Academic journal article Global Governance

Division of Labor and Rule-Based Decisionmaking within the UN Security Council: Division of Labor within the Al-Qaeda/Taliban Sanctions Regime

Academic journal article Global Governance

Division of Labor and Rule-Based Decisionmaking within the UN Security Council: Division of Labor within the Al-Qaeda/Taliban Sanctions Regime

Article excerpt

Decisionmaking within the Security Council increasingly involves delegation to subsidiary bodies. Drawing on modern institutional theory, this article examines the effects of the emergent system of divided labor within the al-Qaeda/Taliban sanctions regime. The article first looks at the political economy of the process of listing individuals and private entities as sanctions targets. Second, it explores the distinct functions performed by the bodies of the sanctions regime; namely, the Security Council, the AQT Sanctions Committee, the Office of the Ombudsperson, and an expert body. Third, it analyzes the resulting incentive structures in three successive stages of regime development. The article concludes that the sanctions regime constitutes a surprisingly well-advanced model of how to commit even powerful states to rule-based governance without depriving them of their capability to adopt political decisions. KEYWORDS: Security Council, sanctions committee, targeted sanctions, smart sanctions, functional differentiation, principal-agent, counterterrorism, al-Qaeda.

THE UN SECURITY COUNCIL DELEGATES AN INCREASING AMOUNT OF DECISIONMAKING competencies to specifically established sanctions committees. This is especially true for sanctions regimes targeting individuals and private entities. The delegation of specific functions to sanctions committees introduces a division of labor within the Security Council apparatus. While the Council defines the purpose and general direction of such regimes, sanctions committees decide on listing and delisting of targets that face travel bans and assets freezes and are subject to arms embargoes. Sanctioning individuals and private entities reflects the "smart sanctions" approach, which was developed after the devastating effect of the comprehensive sanctions against Iraq, Yugoslavia, and Haiti during the 1990s. (1) Although smart sanctions against individuals and private entities are established as temporary arrangements, they require regular governance activities. (2) While a number of sanctions regimes (e.g., those focusing on Somalia, Liberia, Iran, and international terrorism) include targeted sanctions, the al-Qaeda/Taliban (AQT) sanctions regime is of particular importance. It comprises the largest list: currently 226 individuals and 64 entities associated with al-Qaeda; it is also particularly well advanced procedurally and addresses a global threat to international peace and security. (3)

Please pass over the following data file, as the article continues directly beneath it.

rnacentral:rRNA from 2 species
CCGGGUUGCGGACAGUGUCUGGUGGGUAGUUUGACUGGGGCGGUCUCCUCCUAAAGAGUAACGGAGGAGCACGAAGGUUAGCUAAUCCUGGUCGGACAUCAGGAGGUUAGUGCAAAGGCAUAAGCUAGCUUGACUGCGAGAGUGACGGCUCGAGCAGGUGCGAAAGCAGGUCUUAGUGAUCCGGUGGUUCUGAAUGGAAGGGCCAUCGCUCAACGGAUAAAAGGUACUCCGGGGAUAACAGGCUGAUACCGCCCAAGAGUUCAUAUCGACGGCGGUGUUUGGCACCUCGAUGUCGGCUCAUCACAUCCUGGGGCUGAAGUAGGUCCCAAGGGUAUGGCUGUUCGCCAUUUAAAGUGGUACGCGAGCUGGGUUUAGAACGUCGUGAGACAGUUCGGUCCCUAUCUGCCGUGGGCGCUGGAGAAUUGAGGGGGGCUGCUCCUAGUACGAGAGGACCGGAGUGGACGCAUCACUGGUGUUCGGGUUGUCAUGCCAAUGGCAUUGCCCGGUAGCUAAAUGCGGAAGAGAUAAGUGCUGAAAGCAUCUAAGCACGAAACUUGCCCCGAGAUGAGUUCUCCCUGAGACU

In this article, we examine the emergent system of divided labor of the complex AQT sanctions regime and the consequences for its operation. The Security Council is generally considered as a forum for great-power politics. Previous research has paid little attention to the incentive structure of complex and functionally differentiated sanctions regimes on each level of the decision process, especially on the constraining role of decision criteria. As a result, the literature has treated the Council and its sanctions committees predominantly as a single comprehensive body. Few studies have addressed sanctions committees in general or provided case studies, (4) whereas the discussion on the AQT regime has focused predominantly on the civil rights aspects of individual sanctions (5) and the external pressure for adaptation. (6)

Drawing on modern institutional theory, we consider the Security Council decisionmaking apparatus as a highly institutionalized polity that defines and shapes opportunities and constraints for actors' activities. Institutional theory emphasizes that delegation of decisionmaking powers to an agent changes institutionalized opportunity structures and redefines decision situations. (7) The delegation of such powers always creates the problem that the power-wielding agent might not act as expected by its principals. (8) However, a differentiated governance structure might also create strong incentives for all actors involved to engage in rule-based, rather than power-based, decisionmaking. …

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